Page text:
A familiar ploy: Cabinet secretaries sent to 2020 battlegrounds

In 2006, Karl Rove dispatched cabinet secretaries to battlegrounds as part of a dubious campaign ploy. In 2020, Team Trump seems to be doing the same thing
Image: U.S. Secretary of Health and Human Services Azar at the White House
U.S. Secretary of Health and Human Services Alex Azar speaks with members of the press at the White House on June 24, 2019.Erin Scott / Reuters
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By Steve Benen

As the nation's secretary of Health and Human Services, Alex Azar has probably been quite busy in recent months. Indeed, by some accounts, the cabinet secretary has helped lead the White House's coronavirus taskforce, which has likely dominated Azar's schedule.

But as Politico reported last week, the HHS secretary has apparently also made time to get out of the nation's capital, visiting hospitals, announcing federal grants, and sharing the White House's message about Donald Trump's successes. Of particular interest is where Azar has gone.

Since late April, HHS Secretary Alex Azar has made 11 trips to states -- including nine to key battlegrounds in the 2020 campaign: Florida, Georgia, Michigan, Maine and North Carolina, as well as two trips apiece to Pennsylvania and Wisconsin. One of the other two trips was a visit to Buffalo, N.Y., the hometown of a top aide who recently joined the department at Trump’s request and personally arranged Azar’s visit to the city. The other was to Boston, the media market for yet another battleground state, New Hampshire.

The article added that some of Azar’s trips "were conducted jointly with the White House or closely scheduled, like Azar’s visit to Wisconsin health facilities last week that preceded Trump’s visit to the swing state the next day."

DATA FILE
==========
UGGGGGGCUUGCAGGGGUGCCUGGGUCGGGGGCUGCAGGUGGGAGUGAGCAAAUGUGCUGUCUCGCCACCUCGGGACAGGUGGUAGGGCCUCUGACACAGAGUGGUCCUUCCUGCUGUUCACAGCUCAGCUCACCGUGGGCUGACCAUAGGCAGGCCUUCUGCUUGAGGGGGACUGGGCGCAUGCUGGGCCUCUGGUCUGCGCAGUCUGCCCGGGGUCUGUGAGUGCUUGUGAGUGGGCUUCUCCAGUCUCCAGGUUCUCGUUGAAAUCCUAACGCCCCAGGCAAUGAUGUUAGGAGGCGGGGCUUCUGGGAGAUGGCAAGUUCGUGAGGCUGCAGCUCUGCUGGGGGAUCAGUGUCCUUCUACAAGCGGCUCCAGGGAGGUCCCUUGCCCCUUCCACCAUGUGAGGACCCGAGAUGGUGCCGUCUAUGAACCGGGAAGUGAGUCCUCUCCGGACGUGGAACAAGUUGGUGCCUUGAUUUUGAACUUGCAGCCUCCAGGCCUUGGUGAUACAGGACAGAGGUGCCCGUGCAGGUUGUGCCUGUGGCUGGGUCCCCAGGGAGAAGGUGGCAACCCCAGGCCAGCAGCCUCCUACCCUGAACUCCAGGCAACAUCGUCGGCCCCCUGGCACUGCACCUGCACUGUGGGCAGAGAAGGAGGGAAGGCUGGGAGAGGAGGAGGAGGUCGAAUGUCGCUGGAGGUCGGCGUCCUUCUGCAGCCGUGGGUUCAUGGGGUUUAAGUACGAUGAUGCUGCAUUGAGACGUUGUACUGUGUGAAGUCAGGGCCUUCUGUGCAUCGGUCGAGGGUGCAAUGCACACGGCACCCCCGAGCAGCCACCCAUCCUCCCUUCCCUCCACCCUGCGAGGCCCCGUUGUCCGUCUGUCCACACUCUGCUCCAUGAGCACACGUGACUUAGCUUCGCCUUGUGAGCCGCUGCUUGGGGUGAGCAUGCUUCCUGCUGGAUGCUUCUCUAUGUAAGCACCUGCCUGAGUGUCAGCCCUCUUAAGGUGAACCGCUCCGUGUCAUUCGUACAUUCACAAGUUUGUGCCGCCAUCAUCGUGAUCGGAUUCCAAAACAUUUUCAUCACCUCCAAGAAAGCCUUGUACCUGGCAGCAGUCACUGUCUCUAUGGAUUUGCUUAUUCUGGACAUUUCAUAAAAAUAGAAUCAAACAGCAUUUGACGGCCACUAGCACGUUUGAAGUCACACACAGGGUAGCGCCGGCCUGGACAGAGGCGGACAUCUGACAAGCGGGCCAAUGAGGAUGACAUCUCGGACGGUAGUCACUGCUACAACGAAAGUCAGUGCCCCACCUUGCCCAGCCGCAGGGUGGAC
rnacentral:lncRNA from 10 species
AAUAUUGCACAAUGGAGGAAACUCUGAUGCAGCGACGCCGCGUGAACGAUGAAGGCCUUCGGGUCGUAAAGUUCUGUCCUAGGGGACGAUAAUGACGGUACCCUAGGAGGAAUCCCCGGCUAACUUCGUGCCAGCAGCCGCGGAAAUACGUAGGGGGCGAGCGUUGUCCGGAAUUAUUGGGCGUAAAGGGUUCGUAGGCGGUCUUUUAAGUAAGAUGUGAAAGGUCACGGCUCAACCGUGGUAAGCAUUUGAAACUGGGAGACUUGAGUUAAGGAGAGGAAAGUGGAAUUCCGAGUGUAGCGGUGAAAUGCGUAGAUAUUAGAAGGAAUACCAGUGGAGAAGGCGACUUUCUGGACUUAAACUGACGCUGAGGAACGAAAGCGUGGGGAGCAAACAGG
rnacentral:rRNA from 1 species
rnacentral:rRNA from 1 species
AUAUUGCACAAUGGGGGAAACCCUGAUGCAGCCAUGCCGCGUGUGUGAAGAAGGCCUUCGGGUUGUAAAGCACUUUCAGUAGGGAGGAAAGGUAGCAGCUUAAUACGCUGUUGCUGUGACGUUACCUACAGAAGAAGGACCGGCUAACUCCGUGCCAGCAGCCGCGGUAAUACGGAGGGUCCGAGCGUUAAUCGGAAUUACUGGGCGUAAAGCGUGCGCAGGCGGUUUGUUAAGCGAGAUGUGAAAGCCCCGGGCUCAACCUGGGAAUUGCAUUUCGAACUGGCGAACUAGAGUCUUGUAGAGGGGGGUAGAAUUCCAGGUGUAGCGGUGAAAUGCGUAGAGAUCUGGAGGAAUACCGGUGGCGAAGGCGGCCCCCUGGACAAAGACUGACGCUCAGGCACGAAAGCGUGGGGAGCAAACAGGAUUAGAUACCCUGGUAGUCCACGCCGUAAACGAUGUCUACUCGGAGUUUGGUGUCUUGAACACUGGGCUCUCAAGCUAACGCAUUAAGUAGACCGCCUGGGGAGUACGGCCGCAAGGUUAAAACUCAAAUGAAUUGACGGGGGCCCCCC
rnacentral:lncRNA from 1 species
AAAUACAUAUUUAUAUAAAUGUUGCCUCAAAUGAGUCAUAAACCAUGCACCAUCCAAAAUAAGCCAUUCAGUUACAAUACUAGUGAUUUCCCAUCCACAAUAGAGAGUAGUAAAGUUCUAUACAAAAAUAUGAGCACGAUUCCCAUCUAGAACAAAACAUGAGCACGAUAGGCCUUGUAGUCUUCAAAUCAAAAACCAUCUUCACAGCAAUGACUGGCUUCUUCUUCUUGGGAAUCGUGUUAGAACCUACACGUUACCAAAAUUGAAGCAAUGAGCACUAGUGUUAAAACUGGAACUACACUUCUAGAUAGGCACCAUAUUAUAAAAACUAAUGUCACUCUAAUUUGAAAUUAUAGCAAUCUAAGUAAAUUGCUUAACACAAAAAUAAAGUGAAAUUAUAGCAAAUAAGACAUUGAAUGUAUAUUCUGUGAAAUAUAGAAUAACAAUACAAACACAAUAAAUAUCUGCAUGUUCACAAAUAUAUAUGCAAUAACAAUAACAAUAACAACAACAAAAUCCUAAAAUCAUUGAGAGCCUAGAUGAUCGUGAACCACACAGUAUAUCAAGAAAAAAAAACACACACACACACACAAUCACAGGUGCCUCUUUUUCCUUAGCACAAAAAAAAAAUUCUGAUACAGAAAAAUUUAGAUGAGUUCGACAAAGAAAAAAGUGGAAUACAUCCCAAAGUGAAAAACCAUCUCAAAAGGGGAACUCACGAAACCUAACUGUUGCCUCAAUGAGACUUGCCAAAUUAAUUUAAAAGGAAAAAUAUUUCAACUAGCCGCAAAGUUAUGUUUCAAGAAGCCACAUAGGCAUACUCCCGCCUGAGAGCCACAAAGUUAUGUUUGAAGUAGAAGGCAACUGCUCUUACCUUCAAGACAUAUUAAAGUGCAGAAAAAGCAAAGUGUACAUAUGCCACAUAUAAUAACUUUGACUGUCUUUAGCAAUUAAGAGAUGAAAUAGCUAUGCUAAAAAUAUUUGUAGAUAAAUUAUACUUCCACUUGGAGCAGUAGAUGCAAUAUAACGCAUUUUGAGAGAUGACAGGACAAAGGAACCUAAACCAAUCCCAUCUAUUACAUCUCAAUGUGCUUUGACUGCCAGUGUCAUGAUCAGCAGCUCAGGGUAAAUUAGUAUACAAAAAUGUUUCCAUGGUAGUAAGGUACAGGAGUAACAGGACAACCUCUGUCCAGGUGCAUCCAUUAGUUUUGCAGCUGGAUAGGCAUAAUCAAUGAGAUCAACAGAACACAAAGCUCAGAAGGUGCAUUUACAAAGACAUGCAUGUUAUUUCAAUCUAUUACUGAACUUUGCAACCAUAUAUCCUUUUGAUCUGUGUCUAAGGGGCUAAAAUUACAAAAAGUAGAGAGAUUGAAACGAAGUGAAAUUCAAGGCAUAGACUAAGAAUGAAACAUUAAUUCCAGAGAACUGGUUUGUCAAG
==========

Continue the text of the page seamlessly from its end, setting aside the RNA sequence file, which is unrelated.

The Health and Human Services secretary isn't alone. The Associated Press reported over the weekend that much of the president's cabinet has hit the road, heading to states expected to be competitive in the fall.

U.S. Agriculture Secretary Sonny Perdue tromped through a strawberry festival in central Florida, detailing the government’s new trade pact. Secretary of State Mike Pompeo talked about foreign policy at a roundtable in south Florida. Environmental Protection Agency Administrator Andrew Wheeler toured parts of Michigan and Wisconsin, where he boasted of the Trump administration’s efforts to clean up the Great Lakes.

The AP report added that as cabinet secretaries push a pro-Trump line in pivotal states, "there are questions about whether these agency heads are running afoul of a law meant to bar overt campaigning by federal officials on the taxpayer tab."

Quite right. It's not unusual for cabinet secretaries to travel on official business, but it is unusual for a White House to use cabinet secretaries as pawns on an electoral chessboard, dispatching them to specific battleground states during a campaign season.

The AP found that cabinet-level officials have visited Florida, for example, more than 30 times in the last six months. The article added, "Michigan, Pennsylvania, Wisconsin and Arizona have also seen visits from agency and administration chiefs discussing federal funding and initiatives for local interests -- and talking up Trump."

If this sounds at all familiar, it's because we saw an eerily similar dynamic in the Bush/Cheney era. Ahead of the 2006 midterm elections, Karl Rove's Office of Political Affairs hatched an electoral scheme that included, among other things, sending cabinet officials to specific states in the hopes of helping give Republican candidates a boost.

The Office of Special Counsel launched a lengthy investigation and determined that Rove's gambit misused public funds and ran afoul of federal ethics laws.

Is Team Trump's scheme equally flawed? There are experts who can speak to this with more authority than I can, though the AP quoted Donald K. Sherman, deputy director of the Citizens for Responsibility and Ethics in Washington watchdog group, who said, “It’s obvious that the administration is doing this for a political reason. What’s not obvious is if they’re doing this within the contours of the law or outside of it.”

Complicating matters is whether it would matter if the White House were ignoring federal ethics laws or not. At issue is the Hatch Act, which exists to prohibit federal officials from engaging in certain political activities.

It is, however, an ethics law Team Trump has said it does not care to follow.